Easy and fun; the hardest part is in knowing when to stop!  Classes are popular prior to Christmas and then again for Mother's Day and Easter, but this is an easy project for any occasion... easily FINISHED in less than 3-4 hours!  *note: hand beading will take you an extra 1-2 hours depending on how handy you are with beads and a needle! 

The items in the first picture below are the basic stabilizers & supplies  you need to get started:
  • 505 temporary adhesive spray
  • Aqua Film topping
  • Aqua Bond water soluble adhesive stabilizer
  • Polyester thread is recommended for strength and durability, but you can use cottons and metallics as well
  • Aqua Bond is available at the shop at Quilting Arts or ask your local quilt shop or machine dealer to get it in stock for you.
  • 90/14 microtex, topstitch needle
  • free motion foot of your choice
  • ribbons, lace, cording, yarns, bits and pieces of fabric (batiks are great because they don't fray as much
  • Set your machine up for free motion by lowering your feed dogs, and inserting a FRESH  90/14 microtex or topstitch needle.
  • LOWER your top tension as needed
  •  Expect to use two new needles... don't hesitate to change it if you start having thread breakage. This project is hard on needles as those thicker fibers will dull the tip rather quickly.  Remember... you're going through stabilizer, glue, and thick yarns, ribbons, etc... don't be stingy with that needle... it's not worth it!
  • roll up the scarf as you are 'quilting' it, to make it easier to handle (see pics below)
  • don't forget to check your stitching from the back... just in case you really have serious tension issues!  And sometimes it's easier to look at the back to see where you may have missed some stitching, due to the reflection and shiny surface stabilizer on the top...
  • be sure to 'intertwine' all the stitches, making big and small circles all over the scarf surface, making sure they overlap each other.  You can choose circles, or you can choose straight lines... or a bit of both!  Be sure to catch the edges of the scarf in the stitching so that everything is JOINED together.
How about laying a bit of Razzle Dazzle thread in with the ribbons and yarns... fabulous sparkle, and it adds that 'crisp' factor I adore... but choose and play with anything that strikes your fancy!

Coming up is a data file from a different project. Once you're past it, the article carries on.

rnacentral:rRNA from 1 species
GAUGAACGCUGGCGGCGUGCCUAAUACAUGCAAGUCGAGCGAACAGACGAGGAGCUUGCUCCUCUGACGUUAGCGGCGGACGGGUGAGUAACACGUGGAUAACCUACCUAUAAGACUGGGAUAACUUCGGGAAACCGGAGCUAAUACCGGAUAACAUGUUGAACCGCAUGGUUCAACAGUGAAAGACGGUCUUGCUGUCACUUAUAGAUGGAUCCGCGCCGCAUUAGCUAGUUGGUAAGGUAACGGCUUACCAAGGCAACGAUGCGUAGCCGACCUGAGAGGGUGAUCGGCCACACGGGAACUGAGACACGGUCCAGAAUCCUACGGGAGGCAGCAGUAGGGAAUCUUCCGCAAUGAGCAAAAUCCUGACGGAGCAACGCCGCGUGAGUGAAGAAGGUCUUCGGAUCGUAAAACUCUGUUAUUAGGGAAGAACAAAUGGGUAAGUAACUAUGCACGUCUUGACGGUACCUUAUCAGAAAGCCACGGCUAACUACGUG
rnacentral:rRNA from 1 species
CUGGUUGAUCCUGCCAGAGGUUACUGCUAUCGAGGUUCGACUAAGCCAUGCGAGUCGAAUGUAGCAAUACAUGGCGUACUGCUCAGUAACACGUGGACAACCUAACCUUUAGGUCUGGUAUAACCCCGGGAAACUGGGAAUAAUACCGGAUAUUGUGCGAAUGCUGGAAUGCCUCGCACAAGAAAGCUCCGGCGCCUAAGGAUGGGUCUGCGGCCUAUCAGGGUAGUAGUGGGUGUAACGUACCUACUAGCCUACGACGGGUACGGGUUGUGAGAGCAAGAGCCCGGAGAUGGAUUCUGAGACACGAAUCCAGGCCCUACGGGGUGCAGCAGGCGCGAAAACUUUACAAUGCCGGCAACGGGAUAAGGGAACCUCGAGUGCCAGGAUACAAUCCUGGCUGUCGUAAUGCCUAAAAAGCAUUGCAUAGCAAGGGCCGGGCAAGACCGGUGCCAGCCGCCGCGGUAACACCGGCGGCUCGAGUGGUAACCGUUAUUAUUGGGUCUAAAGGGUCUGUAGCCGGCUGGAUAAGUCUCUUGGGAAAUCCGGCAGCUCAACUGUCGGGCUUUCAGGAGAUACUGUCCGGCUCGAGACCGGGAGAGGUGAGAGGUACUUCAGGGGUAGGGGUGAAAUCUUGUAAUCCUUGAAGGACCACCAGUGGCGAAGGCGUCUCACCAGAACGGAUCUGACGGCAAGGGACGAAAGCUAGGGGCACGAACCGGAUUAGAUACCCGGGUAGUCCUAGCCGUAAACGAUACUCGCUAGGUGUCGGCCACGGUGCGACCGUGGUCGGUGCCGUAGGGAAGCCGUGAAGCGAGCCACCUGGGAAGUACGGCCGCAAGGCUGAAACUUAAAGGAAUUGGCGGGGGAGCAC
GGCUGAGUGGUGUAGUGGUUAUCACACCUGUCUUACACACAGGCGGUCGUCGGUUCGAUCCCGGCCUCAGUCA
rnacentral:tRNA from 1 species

Don't hesitate to throw on some of those metallic threads, and I do mean "throw!"  They can be quite dazzling, and easy to sew over as they are just trapped in between the two stabilizers... try it by just unravelling the thread from the cone on the top of your yarns and threads before laying on the top aqua film topping... letting them fall where they may! 
HINT: Be sure to wind the bobbin with the same thread that you have in your top, as both sides of the scarf will show!

"Santa Fe" Hand-dyed yarns
Luscious hand-dyed yarns make up this scarf in it's entirety... with the exception of adding a bit of silver Razzle Dazzle in with the gorgeous southwest colors!  Simplicity... AND... what a blank slate to add a few creative 'thread buttons' with silver metallic thread!!!
Beads... these are attached by hand, and you can expect the beading to take you at least an hour, unless you are an experienced beader.  I can do one in less than an hour, but in the beginning, it took me about two hours to complete both ends of the scarf with beading.  They are optional... your scarf will be quite beautiful without them too!

I use only beading thread for it's  strength, and a long, slim, beading needle is the absolute perfect TOOL for attaching beads.
 Silver metallic thread buttons... I love adding them!
Don't think you need to do only straight lines... making lines wavy... angular, and 'plaid-like' is terrific fun!

I've used chenille, rayon ribbons, wool yarns, and synthetic laces... just keep in mind that sometimes the "fuzzier" fibers (like wool) have a tendency to attract the glue, and that makes it much harder to wash out.
Be sure to soak your scarf in lukewarm water for at least 20 minutes or even overnight, but before leaving it to soak, rinse the glue that starts to fall away, so that it doesn't reattach to the fibers while the scarf sits in the water.... and rinse, rinse, and RINSE... making sure all that  glue is completely washed out!  You could also sing the song "I'm gonna wash that man glue right out of my hair - scarf!"  See the pictures of the scarves the girls made in the scarf class... my blog entry on here: DECEMBER 7, 2010


Roll up the ends as you work... and don't forget you can turn the scarf over and work from the 'plain paper' side, which really helps visibility, and to see where you may need to place stitches... and there is no light reflecting from the topping, so it sometimes makes it easier to see!
 I like to secure the ends with 4-5 rows of straight stitching, to give strength and a bit of stability so beads can be secured at the scarf ends if desired. This is the picture to the right.

The beads on the blue/green scarf below were "looped" and secured in between the loops.  You can also choose to just "dangle" them, in single fringes... and use a small bead as a knot at the end, and bring your thread and needle back up through the row of beads, to continue adding each line of beaded fringe.
Related Posts Plugin for WordPress, Blogger...